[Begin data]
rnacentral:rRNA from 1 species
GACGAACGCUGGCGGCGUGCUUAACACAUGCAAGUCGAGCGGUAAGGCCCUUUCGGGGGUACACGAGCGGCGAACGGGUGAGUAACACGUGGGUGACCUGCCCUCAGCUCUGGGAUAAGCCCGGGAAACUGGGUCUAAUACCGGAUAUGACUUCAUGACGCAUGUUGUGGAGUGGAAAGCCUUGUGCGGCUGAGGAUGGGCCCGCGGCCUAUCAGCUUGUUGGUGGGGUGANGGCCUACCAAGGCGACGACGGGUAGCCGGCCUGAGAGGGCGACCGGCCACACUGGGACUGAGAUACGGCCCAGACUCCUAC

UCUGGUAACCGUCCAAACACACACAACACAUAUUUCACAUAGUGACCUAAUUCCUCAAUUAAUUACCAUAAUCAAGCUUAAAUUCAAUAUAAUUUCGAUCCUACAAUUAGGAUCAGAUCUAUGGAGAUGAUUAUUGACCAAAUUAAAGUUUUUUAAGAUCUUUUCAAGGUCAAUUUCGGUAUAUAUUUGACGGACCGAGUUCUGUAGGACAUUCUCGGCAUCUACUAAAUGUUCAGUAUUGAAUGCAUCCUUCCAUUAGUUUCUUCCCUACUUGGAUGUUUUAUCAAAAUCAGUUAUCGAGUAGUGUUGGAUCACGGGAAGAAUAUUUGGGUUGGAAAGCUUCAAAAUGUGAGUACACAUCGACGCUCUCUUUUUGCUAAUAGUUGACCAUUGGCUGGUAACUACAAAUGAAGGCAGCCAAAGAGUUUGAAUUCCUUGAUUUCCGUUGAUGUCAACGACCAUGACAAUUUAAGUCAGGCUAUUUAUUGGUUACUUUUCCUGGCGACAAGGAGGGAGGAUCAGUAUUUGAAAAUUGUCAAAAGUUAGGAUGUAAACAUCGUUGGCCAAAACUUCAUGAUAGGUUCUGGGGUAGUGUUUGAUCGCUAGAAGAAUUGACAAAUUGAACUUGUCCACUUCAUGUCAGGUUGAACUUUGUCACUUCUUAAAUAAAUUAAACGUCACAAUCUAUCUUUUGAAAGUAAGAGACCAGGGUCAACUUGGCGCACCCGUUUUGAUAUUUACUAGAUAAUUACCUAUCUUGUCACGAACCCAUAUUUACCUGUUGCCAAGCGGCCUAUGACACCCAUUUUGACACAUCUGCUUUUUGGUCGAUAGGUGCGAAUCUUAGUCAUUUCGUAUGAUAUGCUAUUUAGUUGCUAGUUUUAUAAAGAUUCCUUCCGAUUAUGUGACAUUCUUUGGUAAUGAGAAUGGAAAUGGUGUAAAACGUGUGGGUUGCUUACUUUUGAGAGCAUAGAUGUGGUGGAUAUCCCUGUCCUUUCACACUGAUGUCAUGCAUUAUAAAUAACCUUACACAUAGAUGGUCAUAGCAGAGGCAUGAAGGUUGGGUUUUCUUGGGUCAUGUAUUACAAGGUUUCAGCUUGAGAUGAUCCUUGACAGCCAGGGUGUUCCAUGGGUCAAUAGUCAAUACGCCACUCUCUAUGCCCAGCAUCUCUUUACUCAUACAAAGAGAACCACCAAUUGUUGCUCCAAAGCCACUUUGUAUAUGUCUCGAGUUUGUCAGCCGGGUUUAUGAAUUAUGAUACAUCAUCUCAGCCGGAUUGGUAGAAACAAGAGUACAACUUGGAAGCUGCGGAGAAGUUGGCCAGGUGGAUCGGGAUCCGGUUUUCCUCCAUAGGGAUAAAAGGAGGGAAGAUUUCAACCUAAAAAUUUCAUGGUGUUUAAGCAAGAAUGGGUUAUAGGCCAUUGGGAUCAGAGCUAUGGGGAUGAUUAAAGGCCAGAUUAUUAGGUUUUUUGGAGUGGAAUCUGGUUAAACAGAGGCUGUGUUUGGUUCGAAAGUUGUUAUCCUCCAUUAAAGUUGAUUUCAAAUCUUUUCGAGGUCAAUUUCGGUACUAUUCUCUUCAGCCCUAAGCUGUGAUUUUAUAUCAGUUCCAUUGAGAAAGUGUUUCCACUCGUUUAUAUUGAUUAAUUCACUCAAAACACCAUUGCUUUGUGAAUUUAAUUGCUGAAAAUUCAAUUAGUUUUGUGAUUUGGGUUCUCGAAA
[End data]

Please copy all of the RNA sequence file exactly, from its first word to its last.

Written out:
rnacentral:rRNA from 1 species
GACGAACGCUGGCGGCGUGCUUAACACAUGCAAGUCGAGCGGUAAGGCCCUUUCGGGGGUACACGAGCGGCGAACGGGUGAGUAACACGUGGGUGACCUGCCCUCAGCUCUGGGAUAAGCCCGGGAAACUGGGUCUAAUACCGGAUAUGACUUCAUGACGCAUGUUGUGGAGUGGAAAGCCUUGUGCGGCUGAGGAUGGGCCCGCGGCCUAUCAGCUUGUUGGUGGGGUGANGGCCUACCAAGGCGACGACGGGUAGCCGGCCUGAGAGGGCGACCGGCCACACUGGGACUGAGAUACGGCCCAGACUCCUAC

UCUGGUAACCGUCCAAACACACACAACACAUAUUUCACAUAGUGACCUAAUUCCUCAAUUAAUUACCAUAAUCAAGCUUAAAUUCAAUAUAAUUUCGAUCCUACAAUUAGGAUCAGAUCUAUGGAGAUGAUUAUUGACCAAAUUAAAGUUUUUUAAGAUCUUUUCAAGGUCAAUUUCGGUAUAUAUUUGACGGACCGAGUUCUGUAGGACAUUCUCGGCAUCUACUAAAUGUUCAGUAUUGAAUGCAUCCUUCCAUUAGUUUCUUCCCUACUUGGAUGUUUUAUCAAAAUCAGUUAUCGAGUAGUGUUGGAUCACGGGAAGAAUAUUUGGGUUGGAAAGCUUCAAAAUGUGAGUACACAUCGACGCUCUCUUUUUGCUAAUAGUUGACCAUUGGCUGGUAACUACAAAUGAAGGCAGCCAAAGAGUUUGAAUUCCUUGAUUUCCGUUGAUGUCAACGACCAUGACAAUUUAAGUCAGGCUAUUUAUUGGUUACUUUUCCUGGCGACAAGGAGGGAGGAUCAGUAUUUGAAAAUUGUCAAAAGUUAGGAUGUAAACAUCGUUGGCCAAAACUUCAUGAUAGGUUCUGGGGUAGUGUUUGAUCGCUAGAAGAAUUGACAAAUUGAACUUGUCCACUUCAUGUCAGGUUGAACUUUGUCACUUCUUAAAUAAAUUAAACGUCACAAUCUAUCUUUUGAAAGUAAGAGACCAGGGUCAACUUGGCGCACCCGUUUUGAUAUUUACUAGAUAAUUACCUAUCUUGUCACGAACCCAUAUUUACCUGUUGCCAAGCGGCCUAUGACACCCAUUUUGACACAUCUGCUUUUUGGUCGAUAGGUGCGAAUCUUAGUCAUUUCGUAUGAUAUGCUAUUUAGUUGCUAGUUUUAUAAAGAUUCCUUCCGAUUAUGUGACAUUCUUUGGUAAUGAGAAUGGAAAUGGUGUAAAACGUGUGGGUUGCUUACUUUUGAGAGCAUAGAUGUGGUGGAUAUCCCUGUCCUUUCACACUGAUGUCAUGCAUUAUAAAUAACCUUACACAUAGAUGGUCAUAGCAGAGGCAUGAAGGUUGGGUUUUCUUGGGUCAUGUAUUACAAGGUUUCAGCUUGAGAUGAUCCUUGACAGCCAGGGUGUUCCAUGGGUCAAUAGUCAAUACGCCACUCUCUAUGCCCAGCAUCUCUUUACUCAUACAAAGAGAACCACCAAUUGUUGCUCCAAAGCCACUUUGUAUAUGUCUCGAGUUUGUCAGCCGGGUUUAUGAAUUAUGAUACAUCAUCUCAGCCGGAUUGGUAGAAACAAGAGUACAACUUGGAAGCUGCGGAGAAGUUGGCCAGGUGGAUCGGGAUCCGGUUUUCCUCCAUAGGGAUAAAAGGAGGGAAGAUUUCAACCUAAAAAUUUCAUGGUGUUUAAGCAAGAAUGGGUUAUAGGCCAUUGGGAUCAGAGCUAUGGGGAUGAUUAAAGGCCAGAUUAUUAGGUUUUUUGGAGUGGAAUCUGGUUAAACAGAGGCUGUGUUUGGUUCGAAAGUUGUUAUCCUCCAUUAAAGUUGAUUUCAAAUCUUUUCGAGGUCAAUUUCGGUACUAUUCUCUUCAGCCCUAAGCUGUGAUUUUAUAUCAGUUCCAUUGAGAAAGUGUUUCCACUCGUUUAUAUUGAUUAAUUCACUCAAAACACCAUUGCUUUGUGAAUUUAAUUGCUGAAAAUUCAAUUAGUUUUGUGAUUUGGGUUCUCGAAA